The microprocessors that help automakers add many new features and functions continue to evolve, following trends of industries that have less demanding environments. A growing number of automotive applications are adopting dual-core devices and floating-point processors, though cost justification remains a barrier for both technologies.
Texas Instruments recently unveiled a part that addressed both. Its TMS570F offers two ARM Cortex-R4F floating-point processors with a peak speed of 64 MHz. Following another trend, it is loaded with 2 Mbytes of flash memory and peripherals including FlexRay, CAN, and LIN modules as well as a timer and two 12-bit analog-to-digital converters.
TI’s processor is targeted at safety applications, which must have fail-safe designs. TI noted that the chip meets the International Electrotechnical Commission 61508 SIL3 or ISO26262 ASIL D safety standards for critical applications.
The controller is among a growing number of multicore devices designed for automotive applications. They are beginning to see use in powertrain, where processing capability is critical. Other multicores are aimed at infotainment, where the large volume of graphics for navigation and movies requires the high performance of multicores.
However, software is vastly different for multicores, so they are being adopted only when processing capabilities or lower power consumption requirements offset the expense of moving to new, more sophisticated software. Safety fits that requirement, since response times are important. Another limiting factor is that auto industry clock rates rarely go above 200 MHz, well below the multi-GHz speeds of PC processors.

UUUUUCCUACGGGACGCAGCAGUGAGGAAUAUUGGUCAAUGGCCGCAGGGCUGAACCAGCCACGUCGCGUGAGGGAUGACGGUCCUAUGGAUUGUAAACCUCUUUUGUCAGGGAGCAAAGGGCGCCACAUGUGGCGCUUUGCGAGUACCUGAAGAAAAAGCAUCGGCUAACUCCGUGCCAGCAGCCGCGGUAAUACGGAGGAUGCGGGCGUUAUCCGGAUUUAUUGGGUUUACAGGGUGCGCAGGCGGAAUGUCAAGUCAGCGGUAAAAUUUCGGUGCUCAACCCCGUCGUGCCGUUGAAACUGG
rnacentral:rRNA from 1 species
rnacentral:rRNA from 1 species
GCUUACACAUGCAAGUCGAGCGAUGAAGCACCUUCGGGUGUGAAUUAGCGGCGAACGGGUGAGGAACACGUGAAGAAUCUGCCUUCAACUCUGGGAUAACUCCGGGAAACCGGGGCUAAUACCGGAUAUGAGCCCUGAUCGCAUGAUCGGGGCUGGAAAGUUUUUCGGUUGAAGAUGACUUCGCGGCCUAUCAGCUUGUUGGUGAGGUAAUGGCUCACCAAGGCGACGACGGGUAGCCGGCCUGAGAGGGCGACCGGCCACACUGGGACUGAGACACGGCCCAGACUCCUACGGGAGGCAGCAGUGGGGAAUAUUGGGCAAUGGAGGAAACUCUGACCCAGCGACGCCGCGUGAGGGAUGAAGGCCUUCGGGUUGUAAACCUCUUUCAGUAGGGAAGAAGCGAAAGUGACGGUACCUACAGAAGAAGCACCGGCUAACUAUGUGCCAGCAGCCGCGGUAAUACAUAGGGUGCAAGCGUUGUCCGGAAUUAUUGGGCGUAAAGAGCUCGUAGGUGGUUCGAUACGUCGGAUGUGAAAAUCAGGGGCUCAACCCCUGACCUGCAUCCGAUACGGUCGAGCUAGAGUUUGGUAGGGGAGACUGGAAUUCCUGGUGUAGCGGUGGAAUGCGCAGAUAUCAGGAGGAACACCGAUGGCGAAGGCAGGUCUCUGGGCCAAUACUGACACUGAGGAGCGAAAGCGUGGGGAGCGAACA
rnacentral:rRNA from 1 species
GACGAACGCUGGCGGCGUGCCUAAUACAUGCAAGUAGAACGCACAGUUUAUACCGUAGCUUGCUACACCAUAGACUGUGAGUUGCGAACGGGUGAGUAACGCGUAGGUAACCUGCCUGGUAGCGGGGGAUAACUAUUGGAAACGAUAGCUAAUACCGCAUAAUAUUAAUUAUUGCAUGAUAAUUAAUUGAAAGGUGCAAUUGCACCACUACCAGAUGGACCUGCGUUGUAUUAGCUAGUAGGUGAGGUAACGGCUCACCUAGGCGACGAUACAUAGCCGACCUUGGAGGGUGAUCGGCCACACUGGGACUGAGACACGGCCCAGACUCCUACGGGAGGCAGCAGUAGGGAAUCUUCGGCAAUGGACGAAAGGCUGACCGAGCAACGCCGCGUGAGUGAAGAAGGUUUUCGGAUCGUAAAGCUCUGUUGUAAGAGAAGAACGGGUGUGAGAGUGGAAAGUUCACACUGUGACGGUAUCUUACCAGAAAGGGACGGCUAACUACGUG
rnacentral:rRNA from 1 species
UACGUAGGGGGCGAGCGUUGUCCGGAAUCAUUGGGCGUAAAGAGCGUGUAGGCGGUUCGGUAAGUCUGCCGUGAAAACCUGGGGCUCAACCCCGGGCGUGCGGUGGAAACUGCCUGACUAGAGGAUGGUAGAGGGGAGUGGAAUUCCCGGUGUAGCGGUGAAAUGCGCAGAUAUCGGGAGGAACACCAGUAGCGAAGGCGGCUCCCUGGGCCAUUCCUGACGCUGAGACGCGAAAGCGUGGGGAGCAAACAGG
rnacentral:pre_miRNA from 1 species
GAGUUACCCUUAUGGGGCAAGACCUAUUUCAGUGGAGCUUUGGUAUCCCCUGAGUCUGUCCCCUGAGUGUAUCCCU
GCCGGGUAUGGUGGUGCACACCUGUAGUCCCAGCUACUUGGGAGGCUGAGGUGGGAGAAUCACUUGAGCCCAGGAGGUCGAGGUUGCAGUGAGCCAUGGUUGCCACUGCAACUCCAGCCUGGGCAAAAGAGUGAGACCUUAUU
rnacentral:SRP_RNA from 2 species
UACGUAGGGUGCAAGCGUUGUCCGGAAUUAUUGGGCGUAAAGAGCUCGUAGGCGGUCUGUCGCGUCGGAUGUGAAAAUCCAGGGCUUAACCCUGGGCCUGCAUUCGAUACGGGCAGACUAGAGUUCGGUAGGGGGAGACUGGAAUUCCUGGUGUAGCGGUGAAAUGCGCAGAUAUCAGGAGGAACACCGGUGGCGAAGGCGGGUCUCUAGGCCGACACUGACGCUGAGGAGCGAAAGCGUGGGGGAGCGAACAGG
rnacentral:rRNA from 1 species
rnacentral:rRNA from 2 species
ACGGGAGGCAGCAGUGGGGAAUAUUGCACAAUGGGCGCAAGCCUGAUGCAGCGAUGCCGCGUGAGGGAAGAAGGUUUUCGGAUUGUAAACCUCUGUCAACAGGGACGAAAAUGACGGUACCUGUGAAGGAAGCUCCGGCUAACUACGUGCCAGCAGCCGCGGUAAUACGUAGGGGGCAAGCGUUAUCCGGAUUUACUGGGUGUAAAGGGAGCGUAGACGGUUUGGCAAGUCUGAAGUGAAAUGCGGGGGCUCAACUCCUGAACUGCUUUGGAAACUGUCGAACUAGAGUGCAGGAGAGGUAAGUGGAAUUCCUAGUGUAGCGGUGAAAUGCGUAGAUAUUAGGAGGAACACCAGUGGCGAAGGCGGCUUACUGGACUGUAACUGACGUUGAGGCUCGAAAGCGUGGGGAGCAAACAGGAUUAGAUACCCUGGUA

TI’s device also offers floating-point functionality, which has been used in demanding areas such as powertrain control for years. That will help the part find a role in safety-critical applications.
One benefit of floating-point technology is it makes it easier for engineering teams to use autocoding, which reduces the initial cost of creating software while also facilitating reuse compared to handwritten code.
“With floating-point processing, it’s much easier to use automatic code generation,” said Charlie Murphy, Strategic Marketing Manager at Texas Instruments’ Automotive Microcontrollers group.
Floating-point math is becoming more widely used as powerful and inexpensive 32-bit chips gain usage. The cost penalty of floating point is lower on these powerful devices.
However, there are still areas where cost is king. While chipmakers offer more parts with floating-point capability, The MathWorks recently unveiled a tool that focused on cost-sensitive applications such as small motor control. Simulink Fixed Point 6 makes it simpler to design and simulate fixed-point systems and generate code for controllers that perform simple tasks such as opening windows and positioning seats.
“The classical development process for system engineers is to develop algorithms with floating-point math, simulate it until it’s right, then convert to fixed-point because floating-point processors are too expensive,” said Tom Erkkinen, Embedded Applications Manager at The MathWorks.